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Old 06-30-2013   #1
Winter Park, Colorado
Join Date: Sep 2011
Posts: 48
What GPS system for rivers?

On one of the Smith River forums, I read about using a GPS. Wondering how a GPS is helpful for floating and fishing rivers. What kind is recommended? Thanks

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Old 06-30-2013   #2
Jenks, Oklahoma
Join Date: Oct 2004
Posts: 1,408
I used a Garmin GPSmap CSx76 on a recent Smith river trip. Worked great.
I find my Garmin works great on rivers like the San Juan or others that do not have well marked camp sites. On the Smith, every campsite is assigned with a easy to see Sign - well done by the state of MT. My Garmin is several years old and might be found used at a discount.

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Old 06-30-2013   #3
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David Miller's Avatar
Gypsum, Colorado
Paddling Since: 2000
Join Date: May 2010
Posts: 458
I've had good luck with my Garmin too. The real heart of the system is National Geo TOPO! map software. For some reason the whole line has been discontinued but I still have it loaded on my computer and it still works great. Also compatible with Magellan.
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Old 06-30-2013   #4
Colorado Springs, Colorado
Paddling Since: 2010
Join Date: May 2012
Posts: 265
I have a PN-40 and love it. I originally bought it for ensuring trails, but took it on a multiday a couple years ago and loved it. Helps keep you on time and also has the fish tables.
Only thing I don't like is that the software won't allow you to draw a route down the river--you have to do that manually...minor though.
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Old 07-01-2013   #5
Jenks, Oklahoma
Join Date: Oct 2004
Posts: 1,408
I am not a expert on GPS, so take this for what it is worth.

I under stand GPS measures distance in a straight line from point to point.

That is the reason it is great to have either river mile marker waypoints or river features.

While the GPS will still measure distance in straight lines, the more way points the better the actual distance measurements.

Hope some of you GPS experts will jump in here.

I understand after running a river some GPS units save a track of the actual trip. I do not know how or if this track can be converted to waypoints, maybe someone out there can explain this.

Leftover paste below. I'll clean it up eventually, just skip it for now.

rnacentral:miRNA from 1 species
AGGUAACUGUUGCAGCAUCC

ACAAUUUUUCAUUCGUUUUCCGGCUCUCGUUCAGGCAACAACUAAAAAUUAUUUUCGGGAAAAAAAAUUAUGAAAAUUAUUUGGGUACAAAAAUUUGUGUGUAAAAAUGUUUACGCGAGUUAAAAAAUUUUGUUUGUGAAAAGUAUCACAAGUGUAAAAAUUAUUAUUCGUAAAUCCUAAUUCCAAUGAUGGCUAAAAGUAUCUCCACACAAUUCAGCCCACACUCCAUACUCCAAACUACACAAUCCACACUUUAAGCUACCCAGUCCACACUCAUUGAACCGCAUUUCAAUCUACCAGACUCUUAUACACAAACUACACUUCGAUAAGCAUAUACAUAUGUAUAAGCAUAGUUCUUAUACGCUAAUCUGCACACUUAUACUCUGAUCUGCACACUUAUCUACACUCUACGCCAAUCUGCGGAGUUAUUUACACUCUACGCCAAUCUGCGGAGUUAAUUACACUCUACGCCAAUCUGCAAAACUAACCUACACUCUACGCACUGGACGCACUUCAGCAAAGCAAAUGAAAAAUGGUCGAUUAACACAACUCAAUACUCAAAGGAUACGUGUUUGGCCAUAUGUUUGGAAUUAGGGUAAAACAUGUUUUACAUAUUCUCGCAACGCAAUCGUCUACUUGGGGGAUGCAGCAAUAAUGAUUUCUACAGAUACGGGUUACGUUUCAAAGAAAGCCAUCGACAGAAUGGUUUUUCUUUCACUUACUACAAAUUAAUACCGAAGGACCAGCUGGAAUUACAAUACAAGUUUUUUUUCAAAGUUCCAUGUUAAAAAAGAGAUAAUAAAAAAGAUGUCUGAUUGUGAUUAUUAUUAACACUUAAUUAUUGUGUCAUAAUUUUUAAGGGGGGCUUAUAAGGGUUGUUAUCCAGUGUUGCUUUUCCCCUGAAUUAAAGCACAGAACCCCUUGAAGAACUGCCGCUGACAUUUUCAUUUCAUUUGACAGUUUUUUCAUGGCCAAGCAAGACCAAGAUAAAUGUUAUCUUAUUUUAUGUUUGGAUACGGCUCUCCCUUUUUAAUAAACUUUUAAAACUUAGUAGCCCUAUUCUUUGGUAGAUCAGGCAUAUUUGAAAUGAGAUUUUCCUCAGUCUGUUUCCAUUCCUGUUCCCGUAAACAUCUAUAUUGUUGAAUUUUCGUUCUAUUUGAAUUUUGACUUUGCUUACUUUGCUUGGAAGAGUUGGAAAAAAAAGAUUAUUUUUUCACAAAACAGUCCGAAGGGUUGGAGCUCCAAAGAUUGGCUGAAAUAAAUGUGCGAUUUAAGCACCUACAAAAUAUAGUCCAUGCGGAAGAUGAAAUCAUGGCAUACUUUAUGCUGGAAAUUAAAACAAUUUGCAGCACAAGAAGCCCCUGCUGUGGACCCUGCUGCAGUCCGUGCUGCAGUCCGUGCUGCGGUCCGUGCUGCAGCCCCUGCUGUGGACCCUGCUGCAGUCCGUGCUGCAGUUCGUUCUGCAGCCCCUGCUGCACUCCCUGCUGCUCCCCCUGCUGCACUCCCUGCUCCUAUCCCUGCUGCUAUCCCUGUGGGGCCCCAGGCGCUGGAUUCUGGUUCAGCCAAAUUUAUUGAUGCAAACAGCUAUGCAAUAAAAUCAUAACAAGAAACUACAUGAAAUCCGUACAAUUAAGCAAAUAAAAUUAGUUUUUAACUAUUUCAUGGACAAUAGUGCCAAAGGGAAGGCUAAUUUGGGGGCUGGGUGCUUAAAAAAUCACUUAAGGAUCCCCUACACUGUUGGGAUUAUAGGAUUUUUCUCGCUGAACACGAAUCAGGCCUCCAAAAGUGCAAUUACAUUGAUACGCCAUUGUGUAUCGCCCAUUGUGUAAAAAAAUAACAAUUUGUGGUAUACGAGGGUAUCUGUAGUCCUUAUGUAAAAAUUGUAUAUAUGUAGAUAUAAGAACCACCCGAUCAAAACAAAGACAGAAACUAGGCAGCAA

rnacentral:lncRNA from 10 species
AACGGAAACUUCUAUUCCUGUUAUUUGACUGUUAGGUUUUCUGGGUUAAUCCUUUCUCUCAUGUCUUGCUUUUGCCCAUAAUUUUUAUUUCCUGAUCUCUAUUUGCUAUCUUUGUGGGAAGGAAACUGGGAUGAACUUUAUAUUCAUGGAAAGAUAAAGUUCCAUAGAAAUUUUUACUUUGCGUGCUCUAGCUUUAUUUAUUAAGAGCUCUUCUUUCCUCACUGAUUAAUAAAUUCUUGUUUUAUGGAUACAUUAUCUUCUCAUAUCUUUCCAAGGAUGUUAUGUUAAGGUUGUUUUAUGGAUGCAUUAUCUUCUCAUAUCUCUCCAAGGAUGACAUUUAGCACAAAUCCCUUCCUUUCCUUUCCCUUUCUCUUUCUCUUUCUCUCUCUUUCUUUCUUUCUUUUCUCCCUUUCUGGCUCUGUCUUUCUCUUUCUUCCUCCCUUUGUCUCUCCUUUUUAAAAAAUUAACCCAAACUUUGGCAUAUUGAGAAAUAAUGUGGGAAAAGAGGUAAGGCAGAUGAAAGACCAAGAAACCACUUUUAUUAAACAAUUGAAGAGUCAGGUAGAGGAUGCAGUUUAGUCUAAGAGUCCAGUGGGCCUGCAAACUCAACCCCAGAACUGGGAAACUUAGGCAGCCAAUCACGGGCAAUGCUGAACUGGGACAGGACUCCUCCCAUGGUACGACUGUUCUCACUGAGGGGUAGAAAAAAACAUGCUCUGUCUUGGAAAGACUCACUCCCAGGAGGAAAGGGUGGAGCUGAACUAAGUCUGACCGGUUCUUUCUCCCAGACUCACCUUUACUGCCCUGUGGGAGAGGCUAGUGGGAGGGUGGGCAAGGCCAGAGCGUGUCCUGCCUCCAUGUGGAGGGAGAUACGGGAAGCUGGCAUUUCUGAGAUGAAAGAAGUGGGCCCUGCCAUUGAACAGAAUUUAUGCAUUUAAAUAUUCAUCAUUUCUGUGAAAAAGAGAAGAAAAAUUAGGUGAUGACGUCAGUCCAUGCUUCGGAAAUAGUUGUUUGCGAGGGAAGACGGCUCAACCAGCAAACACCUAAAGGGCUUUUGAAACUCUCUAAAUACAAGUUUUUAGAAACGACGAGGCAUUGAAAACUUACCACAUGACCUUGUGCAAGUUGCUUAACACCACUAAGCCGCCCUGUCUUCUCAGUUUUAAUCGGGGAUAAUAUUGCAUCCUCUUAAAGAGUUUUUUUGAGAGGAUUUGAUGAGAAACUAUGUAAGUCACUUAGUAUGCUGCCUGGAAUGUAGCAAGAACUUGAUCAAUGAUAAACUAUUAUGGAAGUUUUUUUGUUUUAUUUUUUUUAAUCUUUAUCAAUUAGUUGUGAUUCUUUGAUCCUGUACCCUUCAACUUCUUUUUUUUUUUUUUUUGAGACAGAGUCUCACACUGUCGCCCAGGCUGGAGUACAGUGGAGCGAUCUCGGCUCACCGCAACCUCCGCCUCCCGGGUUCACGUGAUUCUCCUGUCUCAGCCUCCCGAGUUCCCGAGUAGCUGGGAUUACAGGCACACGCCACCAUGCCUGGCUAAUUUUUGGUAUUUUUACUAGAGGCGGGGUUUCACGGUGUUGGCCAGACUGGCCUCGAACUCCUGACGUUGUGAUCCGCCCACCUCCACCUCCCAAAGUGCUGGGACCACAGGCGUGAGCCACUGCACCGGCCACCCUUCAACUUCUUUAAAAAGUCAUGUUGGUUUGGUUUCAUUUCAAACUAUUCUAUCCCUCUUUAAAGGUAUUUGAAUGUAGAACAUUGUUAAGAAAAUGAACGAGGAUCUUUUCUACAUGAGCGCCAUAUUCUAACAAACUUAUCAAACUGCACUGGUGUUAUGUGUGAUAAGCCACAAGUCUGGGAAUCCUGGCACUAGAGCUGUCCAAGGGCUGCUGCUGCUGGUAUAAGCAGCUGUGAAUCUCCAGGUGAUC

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Old 07-01-2013   #6
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Eastern Slope, Colorado
Paddling Since: 1980
Join Date: Jun 2007
Posts: 2,406
I use the cheapest black and white option that has an odometer and calculates speed. It also shows a simple black line for your path. You can find them on eBay for $50. This, in a clear Pelican, on top of my map, which is also in a rigged waterproof case, is everything you need and more in my opinion. I recommend a unit that takes AA batteries too.

You're bringing a guidebook or map anyway.
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Old 07-01-2013   #7
San Francisco, California
Join Date: Nov 2012
Posts: 105
I use Garmin Oregon 450 and it has been invaluable tool for camping, fishing, exploring. The unit is waterproof and built like a tank. You can pick these up from REI once or twice a year for around $250.
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Old 07-01-2013   #8
Carnation, Washington
Paddling Since: 1990
Join Date: Apr 2011
Posts: 64
gramin 76cs and montana

Owned both, the 76 have used for 5 years very water proof and durable unit. the Montana is has a larger screen only used for this year.

Finding campspots on the river it is great use. Not always easy to identify the camps from guide books. The major runs have many waypoints for camps, rapids and places of intrest. Biggest thing dont get too dependent on the GPS if it was to get lost or breakdown (its really easy to rely on it to much),
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Old 07-01-2013   #9
La Grande, Oregon
Paddling Since: 1984
Join Date: Dec 2011
Posts: 77

I have a garmin eTrex. I have the Washington/Oregon map on mini SD and the Idaho/Montana/Wyoming on another. They are Great. It not only shows exactly where you are, it names all creeks, most rapids. With a little work you can pre-program in camp sites, by looking them up in advance on USGS web site, getting coordinates, and adding them in as way points. We have used it on the Middle Fork, Main and Lower Salmon. Only problem I have is it only shows one side of river on Snake, depending on which SD card I have in. Great for hunting also.
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Old 07-01-2013   #10
SLC, Utah
Paddling Since: 1999
Join Date: Aug 2010
Posts: 111
I use the Garmin 60csx. Most all newer ones though will accept GPX files wich you can download from a variety of river beta sites. I usually load the map for the multi-day area I'll be floating and then upload the gpx file to it and have all my camps, rapids, access points and POI's laid out on top of the topo maps.

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